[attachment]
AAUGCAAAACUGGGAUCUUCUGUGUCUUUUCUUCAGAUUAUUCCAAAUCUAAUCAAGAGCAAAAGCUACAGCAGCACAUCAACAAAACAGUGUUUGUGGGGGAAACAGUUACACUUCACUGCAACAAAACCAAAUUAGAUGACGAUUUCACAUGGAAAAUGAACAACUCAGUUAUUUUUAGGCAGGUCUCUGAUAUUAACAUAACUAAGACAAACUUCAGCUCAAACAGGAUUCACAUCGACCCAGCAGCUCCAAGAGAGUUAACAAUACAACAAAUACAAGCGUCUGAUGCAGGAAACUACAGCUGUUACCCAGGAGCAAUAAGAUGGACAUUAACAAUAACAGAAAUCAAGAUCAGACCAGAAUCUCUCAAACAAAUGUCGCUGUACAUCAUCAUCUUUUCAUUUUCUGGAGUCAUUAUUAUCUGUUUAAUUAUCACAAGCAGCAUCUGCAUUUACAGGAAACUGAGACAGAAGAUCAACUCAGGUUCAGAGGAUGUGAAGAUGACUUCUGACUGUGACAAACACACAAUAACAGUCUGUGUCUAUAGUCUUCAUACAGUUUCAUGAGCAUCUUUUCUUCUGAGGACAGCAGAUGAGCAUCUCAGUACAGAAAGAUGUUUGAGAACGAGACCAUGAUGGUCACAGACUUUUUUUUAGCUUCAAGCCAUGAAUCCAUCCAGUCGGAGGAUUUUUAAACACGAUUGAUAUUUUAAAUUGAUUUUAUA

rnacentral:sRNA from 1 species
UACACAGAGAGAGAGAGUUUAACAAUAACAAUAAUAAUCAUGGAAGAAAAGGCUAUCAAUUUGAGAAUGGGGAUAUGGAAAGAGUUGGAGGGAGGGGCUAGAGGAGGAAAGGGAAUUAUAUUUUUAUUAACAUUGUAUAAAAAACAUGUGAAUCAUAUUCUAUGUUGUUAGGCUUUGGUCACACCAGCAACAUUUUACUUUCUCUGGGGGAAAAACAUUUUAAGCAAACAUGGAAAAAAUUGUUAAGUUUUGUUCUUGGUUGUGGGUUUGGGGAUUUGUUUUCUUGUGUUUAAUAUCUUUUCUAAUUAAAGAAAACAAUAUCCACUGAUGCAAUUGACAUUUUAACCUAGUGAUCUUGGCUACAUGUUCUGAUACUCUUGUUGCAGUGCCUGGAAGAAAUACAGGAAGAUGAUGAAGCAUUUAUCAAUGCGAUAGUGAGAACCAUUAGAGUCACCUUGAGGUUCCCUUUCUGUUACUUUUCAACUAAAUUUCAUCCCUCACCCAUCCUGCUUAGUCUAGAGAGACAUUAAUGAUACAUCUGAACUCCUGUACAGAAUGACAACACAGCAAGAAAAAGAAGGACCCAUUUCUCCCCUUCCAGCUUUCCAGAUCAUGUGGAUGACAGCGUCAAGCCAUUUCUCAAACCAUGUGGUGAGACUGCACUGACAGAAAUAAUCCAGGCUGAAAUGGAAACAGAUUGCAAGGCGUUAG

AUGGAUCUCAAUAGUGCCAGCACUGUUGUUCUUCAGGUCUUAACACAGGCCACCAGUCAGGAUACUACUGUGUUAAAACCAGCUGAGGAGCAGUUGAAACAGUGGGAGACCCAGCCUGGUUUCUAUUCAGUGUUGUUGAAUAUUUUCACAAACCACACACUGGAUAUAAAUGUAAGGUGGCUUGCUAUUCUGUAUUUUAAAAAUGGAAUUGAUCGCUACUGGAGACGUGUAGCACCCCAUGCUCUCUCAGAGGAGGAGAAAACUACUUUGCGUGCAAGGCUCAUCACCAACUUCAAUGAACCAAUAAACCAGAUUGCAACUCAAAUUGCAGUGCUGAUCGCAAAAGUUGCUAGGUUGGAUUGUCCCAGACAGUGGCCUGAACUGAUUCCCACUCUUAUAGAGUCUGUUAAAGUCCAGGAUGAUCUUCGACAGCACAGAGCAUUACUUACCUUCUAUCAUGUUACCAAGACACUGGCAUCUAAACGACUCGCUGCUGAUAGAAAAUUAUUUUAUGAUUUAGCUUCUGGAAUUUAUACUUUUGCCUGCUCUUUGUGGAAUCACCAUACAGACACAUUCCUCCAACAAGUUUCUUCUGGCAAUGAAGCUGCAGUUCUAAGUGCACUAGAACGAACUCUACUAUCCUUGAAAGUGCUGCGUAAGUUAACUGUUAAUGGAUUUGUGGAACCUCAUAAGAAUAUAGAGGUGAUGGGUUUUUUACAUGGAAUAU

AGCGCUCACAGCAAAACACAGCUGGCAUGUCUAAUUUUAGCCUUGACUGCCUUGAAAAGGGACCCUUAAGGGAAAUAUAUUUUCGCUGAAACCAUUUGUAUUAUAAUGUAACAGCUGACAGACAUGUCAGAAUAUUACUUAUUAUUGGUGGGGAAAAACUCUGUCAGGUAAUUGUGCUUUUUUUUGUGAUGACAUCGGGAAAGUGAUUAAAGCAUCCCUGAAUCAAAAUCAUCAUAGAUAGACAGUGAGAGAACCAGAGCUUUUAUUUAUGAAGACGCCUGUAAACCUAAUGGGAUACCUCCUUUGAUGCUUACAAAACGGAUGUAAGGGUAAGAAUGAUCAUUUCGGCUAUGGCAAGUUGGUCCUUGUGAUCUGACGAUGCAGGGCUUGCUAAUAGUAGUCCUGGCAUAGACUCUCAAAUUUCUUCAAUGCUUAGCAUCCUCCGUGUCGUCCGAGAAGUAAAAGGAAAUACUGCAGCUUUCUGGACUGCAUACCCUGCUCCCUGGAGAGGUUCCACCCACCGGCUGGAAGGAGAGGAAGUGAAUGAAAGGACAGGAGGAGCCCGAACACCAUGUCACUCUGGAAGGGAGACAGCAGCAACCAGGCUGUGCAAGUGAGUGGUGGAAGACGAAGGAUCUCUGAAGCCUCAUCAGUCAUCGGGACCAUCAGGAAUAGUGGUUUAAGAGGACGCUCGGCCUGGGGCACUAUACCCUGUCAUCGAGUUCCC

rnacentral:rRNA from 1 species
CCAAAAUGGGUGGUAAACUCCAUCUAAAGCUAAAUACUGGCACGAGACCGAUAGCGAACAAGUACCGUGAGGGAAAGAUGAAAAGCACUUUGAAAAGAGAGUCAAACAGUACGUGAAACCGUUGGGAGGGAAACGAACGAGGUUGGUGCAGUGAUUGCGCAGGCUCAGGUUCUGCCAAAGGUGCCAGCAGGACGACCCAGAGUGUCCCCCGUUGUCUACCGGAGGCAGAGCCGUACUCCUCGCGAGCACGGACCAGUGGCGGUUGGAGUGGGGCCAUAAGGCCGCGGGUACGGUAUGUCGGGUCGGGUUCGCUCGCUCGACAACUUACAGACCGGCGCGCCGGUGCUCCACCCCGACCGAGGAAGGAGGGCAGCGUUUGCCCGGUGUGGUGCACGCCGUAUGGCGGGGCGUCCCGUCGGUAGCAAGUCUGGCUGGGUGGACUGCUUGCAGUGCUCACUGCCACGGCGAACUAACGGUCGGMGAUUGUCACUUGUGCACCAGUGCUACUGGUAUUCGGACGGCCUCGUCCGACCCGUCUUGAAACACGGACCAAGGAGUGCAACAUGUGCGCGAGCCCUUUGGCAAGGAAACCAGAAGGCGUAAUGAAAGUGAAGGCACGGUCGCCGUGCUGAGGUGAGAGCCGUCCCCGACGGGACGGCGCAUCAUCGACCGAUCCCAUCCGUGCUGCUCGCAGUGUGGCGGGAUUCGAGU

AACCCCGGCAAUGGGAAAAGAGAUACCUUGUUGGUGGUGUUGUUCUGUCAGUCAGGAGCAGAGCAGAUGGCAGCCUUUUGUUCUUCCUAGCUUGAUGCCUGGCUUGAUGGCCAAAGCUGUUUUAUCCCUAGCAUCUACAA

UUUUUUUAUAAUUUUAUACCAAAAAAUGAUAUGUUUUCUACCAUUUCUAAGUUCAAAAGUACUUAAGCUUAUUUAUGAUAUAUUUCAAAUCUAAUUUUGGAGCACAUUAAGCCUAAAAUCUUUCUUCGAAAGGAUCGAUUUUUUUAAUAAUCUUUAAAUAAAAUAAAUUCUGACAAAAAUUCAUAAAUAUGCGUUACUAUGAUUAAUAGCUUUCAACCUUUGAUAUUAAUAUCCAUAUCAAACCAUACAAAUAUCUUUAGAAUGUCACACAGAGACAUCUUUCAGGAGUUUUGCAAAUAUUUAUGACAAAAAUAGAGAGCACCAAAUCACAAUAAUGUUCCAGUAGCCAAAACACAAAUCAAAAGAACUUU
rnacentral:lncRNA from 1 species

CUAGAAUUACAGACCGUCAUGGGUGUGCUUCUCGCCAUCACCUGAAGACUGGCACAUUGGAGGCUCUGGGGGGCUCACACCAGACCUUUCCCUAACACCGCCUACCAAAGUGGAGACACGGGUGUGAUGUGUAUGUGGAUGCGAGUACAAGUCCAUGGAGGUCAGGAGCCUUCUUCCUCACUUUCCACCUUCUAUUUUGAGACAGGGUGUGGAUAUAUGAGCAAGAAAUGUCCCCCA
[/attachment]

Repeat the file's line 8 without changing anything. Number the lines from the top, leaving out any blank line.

AACCCCGGCAAUGGGAAAAGAGAUACCUUGUUGGUGGUGUUGUUCUGUCAGUCAGGAGCAGAGCAGAUGGCAGCCUUUUGUUCUUCCUAGCUUGAUGCCUGGCUUGAUGGCCAAAGCUGUUUUAUCCCUAGCAUCUACAA